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Emotion rules at Femicide vigil (Photos)

By Standard Reporter | May 31st 2019
Kirinyaga Governor Anne Waiguru.

Women leaders under the umbrella Embrace Women Group yesterday assembled at the University of Nairobi grounds to send a strong message on femicide.

Violence against young women and girls has sparked national debate over the last few months prompting women leaders and activists to speak and stand up for young women.

Colouring the university grounds with white and pink attire, the female attendants decried the runaway killings of women, and other forms of violence perpetrated against the female sex over the last year.

Raila Odinga's wife Ida Odinga overcome by emotion at femicide vigil held at Nairobi University.

Opposition leader Raila Odinga’s wife Ida and Kirinyaga Governor Anne Waiguru were at some point overcome by emotion when some affected victims narrated their stories.

“I want to speak out so these murders stop. It is so painful to lose a child. My daughter was still very young, she was not even married yet and didn't have a child. She was the one taking care of me. I don't know how I will go on but I know God will give me strength,” one Ms. Elizabeth Moraa, the late Hellen Kwamboka’s mother told Standard.

“This meeting is to think about how women have been undermined,” said Nairobi County assembly speaker Beatrice Elachi.

Bereaved families and Women leaders hold a candlelit vigil for those brutally killed during the launch of crusade against domestic violence at the University of Nairobi. [Jonah Onyango/Standard]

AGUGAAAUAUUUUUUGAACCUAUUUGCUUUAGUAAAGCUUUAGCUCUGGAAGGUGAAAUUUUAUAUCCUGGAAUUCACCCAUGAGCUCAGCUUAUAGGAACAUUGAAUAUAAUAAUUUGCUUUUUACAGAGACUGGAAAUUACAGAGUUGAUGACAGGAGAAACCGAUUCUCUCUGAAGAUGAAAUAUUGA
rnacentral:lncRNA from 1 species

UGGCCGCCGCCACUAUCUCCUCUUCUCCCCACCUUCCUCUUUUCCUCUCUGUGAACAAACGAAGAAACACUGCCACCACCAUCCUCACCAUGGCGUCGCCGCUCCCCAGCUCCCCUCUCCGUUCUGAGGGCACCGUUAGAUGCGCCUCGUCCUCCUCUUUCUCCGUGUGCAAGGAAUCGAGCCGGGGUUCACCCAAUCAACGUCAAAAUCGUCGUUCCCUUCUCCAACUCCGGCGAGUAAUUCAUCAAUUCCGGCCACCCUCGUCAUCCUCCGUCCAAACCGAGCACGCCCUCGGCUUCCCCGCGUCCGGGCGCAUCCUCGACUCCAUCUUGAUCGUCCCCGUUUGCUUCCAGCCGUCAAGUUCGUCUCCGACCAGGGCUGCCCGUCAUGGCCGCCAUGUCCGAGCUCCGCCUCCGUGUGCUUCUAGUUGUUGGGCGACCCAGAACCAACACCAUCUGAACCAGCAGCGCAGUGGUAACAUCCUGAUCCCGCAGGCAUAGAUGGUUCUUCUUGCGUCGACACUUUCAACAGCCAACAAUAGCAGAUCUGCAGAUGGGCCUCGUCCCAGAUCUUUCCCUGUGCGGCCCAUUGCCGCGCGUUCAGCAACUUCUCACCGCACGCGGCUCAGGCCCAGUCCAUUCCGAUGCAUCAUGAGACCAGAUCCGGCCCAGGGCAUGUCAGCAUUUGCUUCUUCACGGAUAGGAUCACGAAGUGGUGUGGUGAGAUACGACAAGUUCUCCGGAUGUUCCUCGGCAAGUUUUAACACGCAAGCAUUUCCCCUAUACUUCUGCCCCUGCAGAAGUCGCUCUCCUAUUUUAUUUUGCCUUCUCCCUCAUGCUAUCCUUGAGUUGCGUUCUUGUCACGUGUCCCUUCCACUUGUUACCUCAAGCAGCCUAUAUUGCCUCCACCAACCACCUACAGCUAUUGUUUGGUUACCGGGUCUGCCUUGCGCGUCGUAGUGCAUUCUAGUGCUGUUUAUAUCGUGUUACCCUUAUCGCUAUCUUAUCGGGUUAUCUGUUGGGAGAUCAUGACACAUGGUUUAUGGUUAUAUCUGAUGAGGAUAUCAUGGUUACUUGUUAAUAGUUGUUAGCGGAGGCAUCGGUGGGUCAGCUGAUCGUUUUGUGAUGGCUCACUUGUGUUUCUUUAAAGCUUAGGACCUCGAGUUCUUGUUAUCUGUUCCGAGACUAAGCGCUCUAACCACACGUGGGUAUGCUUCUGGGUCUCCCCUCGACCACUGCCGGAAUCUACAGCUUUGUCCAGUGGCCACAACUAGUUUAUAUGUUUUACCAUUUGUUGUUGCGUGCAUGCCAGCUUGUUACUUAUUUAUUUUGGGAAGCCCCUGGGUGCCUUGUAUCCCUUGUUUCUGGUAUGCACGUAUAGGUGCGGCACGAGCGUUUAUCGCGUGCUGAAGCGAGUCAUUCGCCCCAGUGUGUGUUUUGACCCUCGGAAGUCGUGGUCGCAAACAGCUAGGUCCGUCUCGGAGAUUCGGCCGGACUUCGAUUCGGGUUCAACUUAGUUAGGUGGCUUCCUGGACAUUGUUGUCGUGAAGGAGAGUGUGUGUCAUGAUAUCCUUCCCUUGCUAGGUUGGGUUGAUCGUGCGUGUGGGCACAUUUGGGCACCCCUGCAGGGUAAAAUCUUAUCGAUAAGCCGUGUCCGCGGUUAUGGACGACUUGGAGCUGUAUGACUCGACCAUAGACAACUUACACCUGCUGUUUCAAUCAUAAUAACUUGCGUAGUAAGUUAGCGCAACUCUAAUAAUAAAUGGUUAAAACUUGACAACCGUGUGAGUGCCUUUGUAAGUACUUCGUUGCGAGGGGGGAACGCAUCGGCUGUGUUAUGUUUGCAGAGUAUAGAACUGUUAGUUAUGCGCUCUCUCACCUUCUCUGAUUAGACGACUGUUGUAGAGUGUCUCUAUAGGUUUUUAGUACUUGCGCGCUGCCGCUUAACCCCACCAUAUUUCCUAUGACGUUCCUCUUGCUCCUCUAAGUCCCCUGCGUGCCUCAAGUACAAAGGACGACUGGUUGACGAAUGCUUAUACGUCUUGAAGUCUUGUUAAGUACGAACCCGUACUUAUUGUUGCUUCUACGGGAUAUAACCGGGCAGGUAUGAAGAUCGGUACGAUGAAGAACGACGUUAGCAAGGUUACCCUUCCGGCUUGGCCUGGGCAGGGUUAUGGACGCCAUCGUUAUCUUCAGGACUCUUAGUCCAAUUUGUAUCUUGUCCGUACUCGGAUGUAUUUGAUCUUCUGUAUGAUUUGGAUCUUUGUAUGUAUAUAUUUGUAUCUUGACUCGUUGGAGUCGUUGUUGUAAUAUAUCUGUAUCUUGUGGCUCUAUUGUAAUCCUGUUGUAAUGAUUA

“Why do we have an anti-stock theft unit yet we have no police to take care of us as women? We are here to ask critical questions,” posed a member of Equality Now, one of the organisations involved in planning the event together. 

For a subsection of women, those who have lost their daughters to violent acts, the event offered them the opportunity to speak to the nation together, and for the first time, be heard.

University of Nairobi travel theatre member Mary Wangare (left) and Alexis Wanga entertaining guests. [Maxwell Agwanda/Standard]

From Sharon Otieno, murdered last year and her body abandoned in a forest to Ivy Wangechi, the Moi University medical student killed just weeks ago and Hellen Kwamboka, a police officer stationed in parliament found dead a week ago in her house in Umoja, Nairobi, all mothers of these women united to speak out against the growing ill that had robbed them of their daughter, so young and so callously.

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